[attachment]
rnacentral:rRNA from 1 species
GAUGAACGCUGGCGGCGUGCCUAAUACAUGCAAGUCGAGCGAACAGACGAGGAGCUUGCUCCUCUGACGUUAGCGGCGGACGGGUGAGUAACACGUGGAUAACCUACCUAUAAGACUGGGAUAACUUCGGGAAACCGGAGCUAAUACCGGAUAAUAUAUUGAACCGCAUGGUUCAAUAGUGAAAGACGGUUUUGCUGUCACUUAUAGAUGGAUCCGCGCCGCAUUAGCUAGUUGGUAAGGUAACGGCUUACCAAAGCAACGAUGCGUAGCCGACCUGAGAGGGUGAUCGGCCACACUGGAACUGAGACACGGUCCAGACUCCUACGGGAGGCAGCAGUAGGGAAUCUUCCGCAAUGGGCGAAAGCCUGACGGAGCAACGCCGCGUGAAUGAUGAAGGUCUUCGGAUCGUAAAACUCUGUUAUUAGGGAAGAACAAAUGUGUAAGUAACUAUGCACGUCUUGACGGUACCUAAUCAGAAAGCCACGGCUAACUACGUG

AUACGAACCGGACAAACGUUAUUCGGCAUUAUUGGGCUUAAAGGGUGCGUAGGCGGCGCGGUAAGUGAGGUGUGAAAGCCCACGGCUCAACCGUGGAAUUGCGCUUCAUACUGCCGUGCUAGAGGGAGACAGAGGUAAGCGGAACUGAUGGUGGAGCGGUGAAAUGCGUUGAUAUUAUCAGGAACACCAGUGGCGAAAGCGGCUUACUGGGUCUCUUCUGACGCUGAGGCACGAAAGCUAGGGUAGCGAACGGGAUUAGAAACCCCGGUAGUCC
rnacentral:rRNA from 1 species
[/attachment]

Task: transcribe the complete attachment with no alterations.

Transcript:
rnacentral:rRNA from 1 species
GAUGAACGCUGGCGGCGUGCCUAAUACAUGCAAGUCGAGCGAACAGACGAGGAGCUUGCUCCUCUGACGUUAGCGGCGGACGGGUGAGUAACACGUGGAUAACCUACCUAUAAGACUGGGAUAACUUCGGGAAACCGGAGCUAAUACCGGAUAAUAUAUUGAACCGCAUGGUUCAAUAGUGAAAGACGGUUUUGCUGUCACUUAUAGAUGGAUCCGCGCCGCAUUAGCUAGUUGGUAAGGUAACGGCUUACCAAAGCAACGAUGCGUAGCCGACCUGAGAGGGUGAUCGGCCACACUGGAACUGAGACACGGUCCAGACUCCUACGGGAGGCAGCAGUAGGGAAUCUUCCGCAAUGGGCGAAAGCCUGACGGAGCAACGCCGCGUGAAUGAUGAAGGUCUUCGGAUCGUAAAACUCUGUUAUUAGGGAAGAACAAAUGUGUAAGUAACUAUGCACGUCUUGACGGUACCUAAUCAGAAAGCCACGGCUAACUACGUG

AUACGAACCGGACAAACGUUAUUCGGCAUUAUUGGGCUUAAAGGGUGCGUAGGCGGCGCGGUAAGUGAGGUGUGAAAGCCCACGGCUCAACCGUGGAAUUGCGCUUCAUACUGCCGUGCUAGAGGGAGACAGAGGUAAGCGGAACUGAUGGUGGAGCGGUGAAAUGCGUUGAUAUUAUCAGGAACACCAGUGGCGAAAGCGGCUUACUGGGUCUCUUCUGACGCUGAGGCACGAAAGCUAGGGUAGCGAACGGGAUUAGAAACCCCGGUAGUCC
rnacentral:rRNA from 1 species